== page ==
|Publication number||US4882075 A|
|Application number||US 07/159,381|
|Publication date||Nov 21, 1989|
|Filing date||Feb 23, 1988|
|Priority date||Jun 20, 1983|
|Publication number||07159381, 159381, US 4882075 A, US 4882075A, US-A-4882075, US4882075 A, US4882075A|
|Inventors||Loyd W. Jones|
|Original Assignee||Jones L W|
|Export Citation||BiBTeX, EndNote, RefMan|
|Patent Citations (13), Referenced by (31), Classifications (11), Legal Events (3)|
|External Links: USPTO, USPTO Assignment, Espacenet|
--PO(OH)2, and --PO(OH)--OCH2 CH2)y (OCH2 CH(CH3)x OR
R--CH2 --CH2 O)z H
--PO(OH)2, and --PO(OH)--OCH2 CH2)y (OCH2 CH(CH3)x OR
R(CH2 --CH2 --O)z H
This is a continuation of co-pending application Ser. No. 808,219, filed on 12/12/85, now U.S. Pat. No. 4,738,789, which is a continuation of Ser. No. 505,790, filed 6/20/83, now abandoned.
1. Field of the Invention
This invention relates to a surfactant solvent composition and the use thereof. More specifically, this invention relates to the enhancing of the oil solvency characteristic of an acidic surfactant solution involving an oxyalkylated surfactant and a high molecular weight alcohol.
2. Description of the Prior Art
The basic concept of enhancing the oil solvency property of an acidic surfactant solution has been of general consideration in a variety of applications and purposes. For example, oil solvency is of concern in something as simple as removal of a bathtub oil ring, toilet bowl cleaners and the like as well as in highly complex technology such as hydrocarbon production, oil and gas well stimulation, enhanced oil recovery and the like. More specifically, in acidizing an oil or gas well to clean up, stimulate and promote hydrocarbon production, various techniques to improve oil solvency and thus enhance solid wetting, lower interfacial tension between acid and oil, and break down emulsion sludges have been historically proposed with varying degrees of commercial acceptance and success. Generally, the most successful technical approaches to enhanced oil solvency can be viewed in terms of creating a single phase containing either a surfactant or mutual oil solvent (e.g., ethylene glycol monobutyl ether) or a cosolvent system (e.g., octyl alcohol/isopropyl alcohol, see U.S. Pat. No. 3,819,520).
In a copending U.S. application by the present inventor, Ser. No. 310,899, now abandoned, a third approach to enhancing oil solvency of an acid solution is disclosed wherein a micellar acidic solvent is employed wherein the micelles of the system exhibit desirable properties superior to the previously known mutual or cosolvent system. The present invention is viewed as an improvement in the micellar acidizing solvent system of the above pending patent application wherein the improvement results in a surfactant solvent system of broader applicability than oil well acidizing. For further details and description of such a micellar acidic solvent system see U.S. Ser. No. 310,899, now abandoned which is incorporated herein by reference for such purpose.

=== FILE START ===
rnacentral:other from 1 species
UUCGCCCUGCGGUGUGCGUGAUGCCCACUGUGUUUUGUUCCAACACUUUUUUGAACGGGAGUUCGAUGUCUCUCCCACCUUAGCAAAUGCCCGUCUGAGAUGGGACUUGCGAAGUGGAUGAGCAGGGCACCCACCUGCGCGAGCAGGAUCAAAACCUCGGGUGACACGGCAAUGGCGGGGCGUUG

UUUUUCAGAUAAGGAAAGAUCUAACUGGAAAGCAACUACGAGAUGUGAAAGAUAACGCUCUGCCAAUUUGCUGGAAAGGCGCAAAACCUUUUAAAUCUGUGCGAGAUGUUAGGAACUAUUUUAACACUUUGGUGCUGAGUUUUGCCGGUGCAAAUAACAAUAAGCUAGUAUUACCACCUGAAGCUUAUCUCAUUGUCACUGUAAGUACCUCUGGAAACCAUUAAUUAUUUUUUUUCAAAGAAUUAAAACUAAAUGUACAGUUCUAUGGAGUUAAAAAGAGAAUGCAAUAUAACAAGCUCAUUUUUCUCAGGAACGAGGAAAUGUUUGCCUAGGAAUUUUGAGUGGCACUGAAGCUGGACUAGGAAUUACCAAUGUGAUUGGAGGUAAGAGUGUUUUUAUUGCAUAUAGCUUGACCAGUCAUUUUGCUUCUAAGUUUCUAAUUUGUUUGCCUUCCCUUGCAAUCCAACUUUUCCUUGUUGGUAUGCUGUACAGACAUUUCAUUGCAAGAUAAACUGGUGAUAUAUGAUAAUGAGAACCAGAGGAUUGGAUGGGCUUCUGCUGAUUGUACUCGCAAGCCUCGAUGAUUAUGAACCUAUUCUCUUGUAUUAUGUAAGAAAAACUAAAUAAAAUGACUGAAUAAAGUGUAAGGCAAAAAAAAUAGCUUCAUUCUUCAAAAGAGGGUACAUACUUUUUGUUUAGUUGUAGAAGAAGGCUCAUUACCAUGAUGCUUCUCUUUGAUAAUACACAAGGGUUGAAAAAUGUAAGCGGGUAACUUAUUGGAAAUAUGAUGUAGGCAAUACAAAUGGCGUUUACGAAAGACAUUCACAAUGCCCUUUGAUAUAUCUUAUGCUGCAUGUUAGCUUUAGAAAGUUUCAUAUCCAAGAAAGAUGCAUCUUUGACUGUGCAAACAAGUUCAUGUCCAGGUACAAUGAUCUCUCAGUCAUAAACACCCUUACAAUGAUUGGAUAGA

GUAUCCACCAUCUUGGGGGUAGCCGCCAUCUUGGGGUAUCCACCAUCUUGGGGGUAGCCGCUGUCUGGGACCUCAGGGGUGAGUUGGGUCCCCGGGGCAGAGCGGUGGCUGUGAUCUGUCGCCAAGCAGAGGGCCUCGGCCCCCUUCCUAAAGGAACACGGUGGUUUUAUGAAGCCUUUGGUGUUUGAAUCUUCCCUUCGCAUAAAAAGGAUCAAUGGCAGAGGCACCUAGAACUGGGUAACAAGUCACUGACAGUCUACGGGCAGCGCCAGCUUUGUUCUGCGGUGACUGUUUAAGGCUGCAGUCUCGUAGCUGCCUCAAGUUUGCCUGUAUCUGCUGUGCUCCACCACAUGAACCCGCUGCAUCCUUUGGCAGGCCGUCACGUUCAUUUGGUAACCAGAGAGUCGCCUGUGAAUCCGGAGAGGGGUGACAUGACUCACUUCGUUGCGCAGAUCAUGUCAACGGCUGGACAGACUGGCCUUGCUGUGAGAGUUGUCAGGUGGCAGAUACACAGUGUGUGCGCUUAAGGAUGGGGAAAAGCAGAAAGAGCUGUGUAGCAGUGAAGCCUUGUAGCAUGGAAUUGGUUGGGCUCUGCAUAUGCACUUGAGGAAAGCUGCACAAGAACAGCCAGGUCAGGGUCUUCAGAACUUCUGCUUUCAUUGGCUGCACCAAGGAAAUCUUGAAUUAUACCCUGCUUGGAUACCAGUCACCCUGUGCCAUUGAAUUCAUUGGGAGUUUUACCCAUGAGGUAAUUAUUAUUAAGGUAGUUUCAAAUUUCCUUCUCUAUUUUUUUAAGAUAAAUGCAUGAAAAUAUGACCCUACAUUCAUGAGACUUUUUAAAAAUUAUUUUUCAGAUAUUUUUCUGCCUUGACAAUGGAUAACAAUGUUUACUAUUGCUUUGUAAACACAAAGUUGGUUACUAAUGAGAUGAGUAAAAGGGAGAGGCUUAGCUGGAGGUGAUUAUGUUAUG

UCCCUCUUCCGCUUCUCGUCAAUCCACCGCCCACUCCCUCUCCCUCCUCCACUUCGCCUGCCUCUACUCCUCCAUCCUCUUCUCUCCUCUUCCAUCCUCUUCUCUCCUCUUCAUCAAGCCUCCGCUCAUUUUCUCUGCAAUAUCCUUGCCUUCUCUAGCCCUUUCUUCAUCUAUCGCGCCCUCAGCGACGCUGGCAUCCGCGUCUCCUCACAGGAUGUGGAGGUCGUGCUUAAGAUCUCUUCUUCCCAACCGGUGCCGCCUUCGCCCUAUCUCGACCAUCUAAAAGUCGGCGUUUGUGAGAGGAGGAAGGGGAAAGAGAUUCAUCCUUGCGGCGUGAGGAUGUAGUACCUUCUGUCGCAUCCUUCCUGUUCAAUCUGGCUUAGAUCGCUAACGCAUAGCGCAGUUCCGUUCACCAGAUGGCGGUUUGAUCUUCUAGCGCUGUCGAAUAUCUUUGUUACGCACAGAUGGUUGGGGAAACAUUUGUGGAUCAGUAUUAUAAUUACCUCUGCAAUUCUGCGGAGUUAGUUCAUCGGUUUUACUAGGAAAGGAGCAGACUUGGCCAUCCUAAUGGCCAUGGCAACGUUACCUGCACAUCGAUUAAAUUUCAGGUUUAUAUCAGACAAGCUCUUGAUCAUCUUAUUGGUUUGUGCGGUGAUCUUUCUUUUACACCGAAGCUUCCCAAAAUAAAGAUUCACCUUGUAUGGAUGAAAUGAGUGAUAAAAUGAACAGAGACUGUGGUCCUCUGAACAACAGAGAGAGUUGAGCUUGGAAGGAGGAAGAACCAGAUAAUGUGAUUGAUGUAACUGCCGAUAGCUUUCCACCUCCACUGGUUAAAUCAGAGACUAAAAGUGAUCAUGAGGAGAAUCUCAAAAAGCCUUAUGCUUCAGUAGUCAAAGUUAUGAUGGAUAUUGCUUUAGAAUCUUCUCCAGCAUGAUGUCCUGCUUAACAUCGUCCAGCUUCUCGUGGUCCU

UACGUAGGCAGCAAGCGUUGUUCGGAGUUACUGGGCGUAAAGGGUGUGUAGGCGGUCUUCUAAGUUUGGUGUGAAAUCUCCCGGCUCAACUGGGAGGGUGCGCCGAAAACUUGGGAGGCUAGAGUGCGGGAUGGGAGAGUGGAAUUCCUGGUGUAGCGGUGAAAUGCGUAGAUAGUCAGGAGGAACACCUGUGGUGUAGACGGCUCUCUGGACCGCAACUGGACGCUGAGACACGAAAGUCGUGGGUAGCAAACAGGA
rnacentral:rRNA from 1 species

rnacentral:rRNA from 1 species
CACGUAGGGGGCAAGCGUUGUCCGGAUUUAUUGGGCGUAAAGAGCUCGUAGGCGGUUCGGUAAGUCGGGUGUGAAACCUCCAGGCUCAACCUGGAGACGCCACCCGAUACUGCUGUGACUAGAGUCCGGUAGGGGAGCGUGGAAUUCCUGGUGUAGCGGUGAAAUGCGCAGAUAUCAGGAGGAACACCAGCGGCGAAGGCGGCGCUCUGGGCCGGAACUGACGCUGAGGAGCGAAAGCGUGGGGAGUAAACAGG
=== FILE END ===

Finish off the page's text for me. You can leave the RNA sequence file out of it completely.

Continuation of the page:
The present invention involves the recognition by the inventor that a stoichiometric relationship exists between the higher alcohol and the oxyalkylated surfactant employed in a micellar acidizing solvent system. The present invention further involves the recognition that this stoichiometry is a function of the acidity (e.g., varies linearly with pH) of the solution in a manner that is suggestive of a complex being formed between the higher alcohol and the so-called palisade region of the surfactant molecule within the micelle and particularly that portion of the surfactant containing the oxyalkylated polymeric chain. Although it should be appreciated that a definitive mechanistic description of the molecular interreaction within the liquid phase and the micelle is not known and thus, the scope and validity of the present invention should not be limited to a single proposed theory or mechanism, it is presently felt that the normally water insoluble, oil soluble higher alcohol is rendered acid soluble by the formation of a hydrogen bonded complex at each of the oxyalkylated units forming the polyoxyalkylated moiety of the surfactant. It is further believed that this complex formation is preceded by protonation at the oxyalkylated site, that the degree of protonation is a function of acidity with oxypropylene units protonating at low acidity and oxyethylene units protonating with increased acid strength, and the desired molar ratio of higher alcohol to surfactant will similarly increase with increasing acidity.
Thus, according to the present invention, I have discovered a continuous acidic surfactant composition comprising an aqueous acid solution phase containing a dispersed micellar surfactant phase characterized in that the hydrophobic end of the surfactant molecule is derived from propoxylation of an organic monohydric alcohol and the hydrophilic end of the surfactant molecule is derived from subsequent ethoxylation with or without terminal esterification and an oil soluble, substantially water insoluble alcohol solubilized in the dispersed micellar phase, the specific improvement comprising the molar ratio of the alcohol to the surfactant being selected as a function of the acidity of the aqueous acid solution phase with the numerical value of the molar ratio being substantially equal to the average number of ether oxygens bonded to the propylene oxide units of the surfactant molecule at low acidity of substantially zero weight percent acid and increasing essentially linearly in value with increasing acidity to a molar ratio approaching a numerical value essentially equal to the total number of ether oxygens bonded to the sum of propylene oxide units and ethylene oxide units of the surfactant molecule at high acidity.